Various – Fruit Machines
Obviously the various fruit machine platforms remain an interesting and realistic target for MAME, small bits of work on them have been done over the past year or so.
For many of the later 90s ones it’s a case of having to emulate all the on-board peripherals properly for the CPU variants they use. The manufacturers of these things chose CPUs with integrated features such as custom timers, I/O ports, memory protection and the like to provide an all-in-one solution for many of the things that would otherwise require additional components. In those cases the main ones used are the 68307 (for Scorpion 4), the 68340 (for the Adder 4 video board, Astra, Pluto 5, MPU5) and Coldfire (‘jpmsys7’ which is likely a later Pluto board, and Scorpion 5)
Scorpion 4 primarily proper payout logic hooking up, it’s actually not a bad driver otherwise, many games work as expected even with the bare bones 68307 peripheral implementation which has little grounds in reality right now.
The earlier platforms are a little messier, running on more traditional CPUs, but with a wider variety of external hardware, and modifications. Something like MPU4 was used by many many manufacturers, including third parties with cloned boards, and has annoying protection systems on many of the games to boot (most of which are understood well enough to hack around these days, but MAME hasn’t quite caught up with current knowledge) For some reason a number of the base MPU4 games just crash too, for reasons unknown. I can only assume they’re not happy with the interrupt logic, banking logic, or how some other peripherals are behaving. The MPU4 video expansion has always been problematic, with the CPU comms barely holding up (even less so after the CPU rewrite) and further annoying scrambling on questions, not to mention many many games missing their question roms altogether, quite a sad state of affairs really.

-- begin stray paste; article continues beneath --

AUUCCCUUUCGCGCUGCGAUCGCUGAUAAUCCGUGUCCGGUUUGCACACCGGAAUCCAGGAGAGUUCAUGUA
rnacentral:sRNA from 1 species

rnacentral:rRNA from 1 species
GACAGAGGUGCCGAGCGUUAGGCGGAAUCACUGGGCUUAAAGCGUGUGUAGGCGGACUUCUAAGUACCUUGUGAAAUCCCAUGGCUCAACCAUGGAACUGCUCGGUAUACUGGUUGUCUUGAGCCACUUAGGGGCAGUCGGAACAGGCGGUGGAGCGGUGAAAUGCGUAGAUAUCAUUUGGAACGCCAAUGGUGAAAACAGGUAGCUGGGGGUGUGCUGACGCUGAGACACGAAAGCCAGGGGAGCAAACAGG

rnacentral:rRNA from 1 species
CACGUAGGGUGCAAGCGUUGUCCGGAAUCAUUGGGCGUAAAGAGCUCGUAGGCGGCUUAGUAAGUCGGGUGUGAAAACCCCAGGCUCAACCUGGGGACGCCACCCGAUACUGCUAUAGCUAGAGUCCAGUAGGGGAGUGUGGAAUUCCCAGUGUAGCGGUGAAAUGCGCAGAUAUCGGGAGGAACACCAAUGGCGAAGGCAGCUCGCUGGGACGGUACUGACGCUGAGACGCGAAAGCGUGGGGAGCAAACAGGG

Things are getting there, slowly, the Electrocoin hardware (Labyrinth) shows signs of life, running the proper game logic, but needs Z180 fixes (I think) as well as the proper reel types adding, and the correct sound chips hooking up.
Some of the earlier ones haven’t seen much attention at all yet.
I find it a bit of a shame that there aren’t more devs helping out with these, but I guess it can appear a daunting task due to the sheer amount of work involved.
Beyond that there is of course the need for a better presentation system, layout editors (or at least import tools) and the like, but really it would make more sense to get all the systems running properly first, then see what state the rest of MAME is in.
I can see why these aren’t for everybody, but I still find them to be a fascinating bit of our history / arcade culture, showing how things evolved.
Various – Improving what we have
The focus of most of this write-up has been interesting things that really can’t be considered ‘working’ in any form at all right now, but that is of course only a fraction of the work left to be done. You notice it more in MESS due to the vast software libraries any given system has to run, but throughout both projects there is room for significant improvements to the emulation of key systems.
The problem is, as I’ve mentioned before, quite a lot of the time the last 5% of the work on any system requires a dedicated expert, and possibly rewriting 90% of the code to be able to handle the extreme cases.
To Do: more more more!